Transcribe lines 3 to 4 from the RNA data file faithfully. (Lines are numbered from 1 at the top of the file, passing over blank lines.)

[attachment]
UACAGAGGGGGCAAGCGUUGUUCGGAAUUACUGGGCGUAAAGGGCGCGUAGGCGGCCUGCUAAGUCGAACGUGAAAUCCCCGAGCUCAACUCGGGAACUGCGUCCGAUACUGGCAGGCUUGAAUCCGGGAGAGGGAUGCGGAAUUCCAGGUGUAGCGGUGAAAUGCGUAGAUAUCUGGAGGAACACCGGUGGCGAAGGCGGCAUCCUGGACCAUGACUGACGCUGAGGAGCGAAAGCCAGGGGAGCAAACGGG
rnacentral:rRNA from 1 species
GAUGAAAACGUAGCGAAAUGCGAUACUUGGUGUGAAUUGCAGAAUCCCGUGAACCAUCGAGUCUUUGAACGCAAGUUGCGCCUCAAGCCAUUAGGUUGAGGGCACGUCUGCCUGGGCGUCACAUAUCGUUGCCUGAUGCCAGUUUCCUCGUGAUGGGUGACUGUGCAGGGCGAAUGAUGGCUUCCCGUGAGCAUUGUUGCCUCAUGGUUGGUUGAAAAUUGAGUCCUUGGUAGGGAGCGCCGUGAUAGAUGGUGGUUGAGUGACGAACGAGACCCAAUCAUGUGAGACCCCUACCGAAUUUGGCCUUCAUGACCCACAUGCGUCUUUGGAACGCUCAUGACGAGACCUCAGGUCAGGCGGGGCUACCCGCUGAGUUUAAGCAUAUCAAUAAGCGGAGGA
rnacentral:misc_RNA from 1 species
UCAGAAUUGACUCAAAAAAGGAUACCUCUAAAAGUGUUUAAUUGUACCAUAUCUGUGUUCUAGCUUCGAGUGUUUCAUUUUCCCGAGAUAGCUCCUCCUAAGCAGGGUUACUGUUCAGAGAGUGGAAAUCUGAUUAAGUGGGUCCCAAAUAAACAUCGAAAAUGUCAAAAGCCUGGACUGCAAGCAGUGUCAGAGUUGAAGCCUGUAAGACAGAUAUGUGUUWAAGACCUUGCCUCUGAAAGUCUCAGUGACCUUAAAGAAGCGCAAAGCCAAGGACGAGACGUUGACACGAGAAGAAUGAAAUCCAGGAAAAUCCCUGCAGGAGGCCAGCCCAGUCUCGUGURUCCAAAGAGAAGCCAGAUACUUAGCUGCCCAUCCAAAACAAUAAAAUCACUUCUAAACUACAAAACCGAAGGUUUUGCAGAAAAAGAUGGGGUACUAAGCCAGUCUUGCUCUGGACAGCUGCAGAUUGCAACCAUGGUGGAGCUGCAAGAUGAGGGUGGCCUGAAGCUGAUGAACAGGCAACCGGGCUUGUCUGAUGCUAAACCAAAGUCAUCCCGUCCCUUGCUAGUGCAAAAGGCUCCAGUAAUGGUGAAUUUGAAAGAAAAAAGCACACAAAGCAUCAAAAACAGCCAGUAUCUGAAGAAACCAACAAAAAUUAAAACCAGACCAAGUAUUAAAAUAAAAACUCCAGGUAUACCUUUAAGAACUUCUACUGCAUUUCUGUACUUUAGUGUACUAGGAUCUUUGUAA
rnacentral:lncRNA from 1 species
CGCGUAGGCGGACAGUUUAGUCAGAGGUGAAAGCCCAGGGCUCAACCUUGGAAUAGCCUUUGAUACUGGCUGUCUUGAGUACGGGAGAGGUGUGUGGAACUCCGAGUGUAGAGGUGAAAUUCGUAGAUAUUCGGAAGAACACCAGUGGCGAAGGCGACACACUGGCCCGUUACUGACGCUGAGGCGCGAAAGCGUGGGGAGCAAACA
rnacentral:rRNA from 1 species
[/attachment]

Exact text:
GAUGAAAACGUAGCGAAAUGCGAUACUUGGUGUGAAUUGCAGAAUCCCGUGAACCAUCGAGUCUUUGAACGCAAGUUGCGCCUCAAGCCAUUAGGUUGAGGGCACGUCUGCCUGGGCGUCACAUAUCGUUGCCUGAUGCCAGUUUCCUCGUGAUGGGUGACUGUGCAGGGCGAAUGAUGGCUUCCCGUGAGCAUUGUUGCCUCAUGGUUGGUUGAAAAUUGAGUCCUUGGUAGGGAGCGCCGUGAUAGAUGGUGGUUGAGUGACGAACGAGACCCAAUCAUGUGAGACCCCUACCGAAUUUGGCCUUCAUGACCCACAUGCGUCUUUGGAACGCUCAUGACGAGACCUCAGGUCAGGCGGGGCUACCCGCUGAGUUUAAGCAUAUCAAUAAGCGGAGGA
rnacentral:misc_RNA from 1 species